1965 Sportster Project
Financially, it would have been more profitable to part out a basket case motorcycle like this, but this was a very low production-year Ironhead with matching case numbers.
When new, the 1965 Sportster XLCH was the fastest production motorcycle on the planet. It was a flat out, built for speed, no-frills hot rod, not much more than two wheels, a seat and a 900cc engine.
1965 Sportster Production: 2,815 XLCH models, 955 XLH models (3,770 total units)
I received this engine as a complete basket case. The first thing I did was spread the parts out on my workbench and made an inventory of all that was there. Surprisingly, nearly everything was there, including nuts, bolts and hardware.
Right-Side Case Damage
The right-side engine case had a circular crack where the generator mounted, presumably from the bolts being over-tightened.
The generator hole repair was very time-consuming, but necessary to keep the numbers-matching cases.
Left-Side Case Damage
Internally, the left-side case was OK, but there was a 2" chip missing where the primary cover bolts up. Both engine case repairs were TIG welded.
Read: Repair Cracked Cases
Original Factory Finish On Engine
For an authentic and correct motorcycle restoration, the factory finish should be left on engine cases. Most are quite hard to duplicate, so sanding down original cases is not a good idea.
Unfortunately, these cases had been painted black somewhere in the past. So without really having any other choices, I sanded off the black paint after the cases were repaired. This was very tedious and time consuming, because Ironhead engine cases have plenty of nooks and crannies.
Crank And Flywheel Build
After rebuilding the flywheel assembly I trued it on my homemade stand. This was another time-consuming part of the engine rebuild.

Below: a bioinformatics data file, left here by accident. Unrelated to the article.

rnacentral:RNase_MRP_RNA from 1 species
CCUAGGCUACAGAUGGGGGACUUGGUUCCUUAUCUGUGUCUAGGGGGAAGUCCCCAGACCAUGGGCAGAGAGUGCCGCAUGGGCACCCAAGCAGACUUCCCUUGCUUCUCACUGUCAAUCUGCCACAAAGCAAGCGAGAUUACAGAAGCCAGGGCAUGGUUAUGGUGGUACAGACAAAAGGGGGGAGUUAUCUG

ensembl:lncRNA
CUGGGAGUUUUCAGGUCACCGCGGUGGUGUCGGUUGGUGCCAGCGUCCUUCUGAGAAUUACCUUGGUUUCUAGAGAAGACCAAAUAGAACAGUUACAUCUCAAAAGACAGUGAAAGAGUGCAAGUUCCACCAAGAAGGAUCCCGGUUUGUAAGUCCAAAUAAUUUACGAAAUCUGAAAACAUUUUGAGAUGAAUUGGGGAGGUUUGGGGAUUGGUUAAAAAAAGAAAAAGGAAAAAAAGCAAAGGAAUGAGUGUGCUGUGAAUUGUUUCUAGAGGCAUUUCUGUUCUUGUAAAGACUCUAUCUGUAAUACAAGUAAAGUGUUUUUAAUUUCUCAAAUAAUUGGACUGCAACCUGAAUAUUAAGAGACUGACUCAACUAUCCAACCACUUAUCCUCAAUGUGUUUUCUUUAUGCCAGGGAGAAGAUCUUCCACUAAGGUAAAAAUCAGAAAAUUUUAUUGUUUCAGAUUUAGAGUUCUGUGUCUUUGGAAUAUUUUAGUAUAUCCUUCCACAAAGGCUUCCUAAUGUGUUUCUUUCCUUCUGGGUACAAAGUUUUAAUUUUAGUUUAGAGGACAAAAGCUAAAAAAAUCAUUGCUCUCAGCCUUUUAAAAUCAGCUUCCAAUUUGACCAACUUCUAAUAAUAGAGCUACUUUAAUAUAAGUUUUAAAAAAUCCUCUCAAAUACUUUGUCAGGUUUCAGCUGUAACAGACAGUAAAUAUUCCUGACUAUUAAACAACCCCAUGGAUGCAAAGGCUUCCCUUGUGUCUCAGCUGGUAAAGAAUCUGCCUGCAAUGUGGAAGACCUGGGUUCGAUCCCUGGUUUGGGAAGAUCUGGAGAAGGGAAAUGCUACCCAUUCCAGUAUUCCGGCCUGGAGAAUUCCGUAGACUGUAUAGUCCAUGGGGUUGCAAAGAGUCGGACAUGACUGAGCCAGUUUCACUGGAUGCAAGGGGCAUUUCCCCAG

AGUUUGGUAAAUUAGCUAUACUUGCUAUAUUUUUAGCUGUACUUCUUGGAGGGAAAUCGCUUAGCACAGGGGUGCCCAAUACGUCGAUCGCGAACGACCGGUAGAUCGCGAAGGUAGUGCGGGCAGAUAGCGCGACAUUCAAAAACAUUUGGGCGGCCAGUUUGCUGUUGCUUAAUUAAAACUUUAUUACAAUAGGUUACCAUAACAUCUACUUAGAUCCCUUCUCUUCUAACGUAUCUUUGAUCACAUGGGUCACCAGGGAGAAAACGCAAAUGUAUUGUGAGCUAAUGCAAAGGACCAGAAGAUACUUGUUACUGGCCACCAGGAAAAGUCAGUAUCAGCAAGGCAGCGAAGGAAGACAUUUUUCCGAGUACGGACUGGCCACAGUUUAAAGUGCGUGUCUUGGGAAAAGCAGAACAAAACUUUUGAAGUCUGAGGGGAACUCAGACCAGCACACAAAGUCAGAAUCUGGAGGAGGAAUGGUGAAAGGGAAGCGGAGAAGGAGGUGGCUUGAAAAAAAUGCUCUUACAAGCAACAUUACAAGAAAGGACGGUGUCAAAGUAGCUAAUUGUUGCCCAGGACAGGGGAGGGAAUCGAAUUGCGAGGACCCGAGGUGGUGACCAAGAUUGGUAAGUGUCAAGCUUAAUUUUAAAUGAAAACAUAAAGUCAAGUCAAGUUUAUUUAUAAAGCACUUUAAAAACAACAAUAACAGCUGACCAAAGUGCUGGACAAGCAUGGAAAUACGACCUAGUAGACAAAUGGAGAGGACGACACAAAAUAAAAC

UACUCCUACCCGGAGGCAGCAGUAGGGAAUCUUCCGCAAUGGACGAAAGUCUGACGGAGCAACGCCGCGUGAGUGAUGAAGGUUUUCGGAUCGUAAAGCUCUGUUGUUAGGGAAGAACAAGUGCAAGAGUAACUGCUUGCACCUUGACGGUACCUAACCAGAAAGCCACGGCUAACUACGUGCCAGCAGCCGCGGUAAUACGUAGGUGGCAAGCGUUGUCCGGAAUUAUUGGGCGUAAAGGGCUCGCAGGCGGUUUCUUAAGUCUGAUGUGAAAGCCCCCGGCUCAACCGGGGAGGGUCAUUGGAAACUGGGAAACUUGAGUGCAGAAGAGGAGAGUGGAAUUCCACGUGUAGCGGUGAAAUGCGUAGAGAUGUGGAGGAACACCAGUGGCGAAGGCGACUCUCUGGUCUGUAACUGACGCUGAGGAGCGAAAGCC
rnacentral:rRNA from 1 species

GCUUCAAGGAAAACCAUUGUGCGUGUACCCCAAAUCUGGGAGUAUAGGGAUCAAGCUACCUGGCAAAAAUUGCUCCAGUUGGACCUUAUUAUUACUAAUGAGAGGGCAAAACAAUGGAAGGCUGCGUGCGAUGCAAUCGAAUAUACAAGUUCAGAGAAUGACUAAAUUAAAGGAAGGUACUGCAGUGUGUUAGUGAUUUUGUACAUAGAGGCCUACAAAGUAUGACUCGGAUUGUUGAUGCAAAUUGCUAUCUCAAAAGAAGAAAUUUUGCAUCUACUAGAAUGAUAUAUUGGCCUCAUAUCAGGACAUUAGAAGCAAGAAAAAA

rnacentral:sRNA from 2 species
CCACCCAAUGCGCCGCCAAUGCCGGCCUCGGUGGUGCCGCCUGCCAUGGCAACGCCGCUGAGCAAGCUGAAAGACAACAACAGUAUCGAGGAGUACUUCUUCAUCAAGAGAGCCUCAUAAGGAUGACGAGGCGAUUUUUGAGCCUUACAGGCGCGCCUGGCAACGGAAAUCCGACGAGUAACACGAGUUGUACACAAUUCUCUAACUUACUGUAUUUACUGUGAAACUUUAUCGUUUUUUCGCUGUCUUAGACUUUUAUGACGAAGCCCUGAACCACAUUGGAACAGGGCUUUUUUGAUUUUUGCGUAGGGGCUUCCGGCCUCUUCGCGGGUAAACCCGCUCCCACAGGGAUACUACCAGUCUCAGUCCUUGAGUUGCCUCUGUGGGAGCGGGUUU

Read: Ironhead Special Tools
I also used my DIY truing stand to check straightness on the pinion shaft and sprocket shaft.
The lower end rebuild was finally complete.
Engine Clearances Before and After
Mock-building the motor was necessary for several reasons. First, motorcycle engine clearances should be measured before disassembly. But when you start with a completely disassembled motor, you don't have that opportunity. This required the additional steps of assembling the engine to get the "before" measurements, then disassembling, repairing/replacing, and re-assembling.
Cams And Cam Cover Issues
Another reason for mock-building the motor was to check all parts were in proper working order. The cam cover did not go on and off easily like it should, indicating a cam mis-alignment was likely. This led me to find one of the cams was binding. After testing each cam individually with the other cams, I found out which one it was, and replaced it.
Read: Install Sportster Cams
Restoring Aluminum Engine Parts
The pitting and corrosion seen on these old parts is typical for a 50 year-old unrestored motorcycle. I sent the cam cover, primary cover, and rocker boxes out to have the old chrome removed.
Six weeks later, when the parts returned, I began sanding and polishing them.
Read: How To Polish Aluminum Motorcycle Parts
Read: Ironhead Rocker Box Assembly
Replace Cam Bushings
The cam cover bushings were replaced due to contamination from the acid after de-chroming.
Read: Remove/Install Sportster Cam Bushings
Broken Valve Spring
One of the old valve springs (don't know off which valve) had cracked in two pieces. Since I had no prior history of the engine, I could only speculate why. The most likely cause would be over-revving.
Both cylinder heads were rebuilt, which included new valves, guides, and springs, and a three-angle valve job. All four rocker arms were replaced.
Like the rest of the motor, the transmission was completely disassembled when I bought it. Fortunately, I had a complete transmission from another Sportster, which I used as a reference to put this one back together.
Rebuilding an Ironhead transmission is a project within a project. It took a while, but the results were good. Clearances are in tolerance and it shifts fine.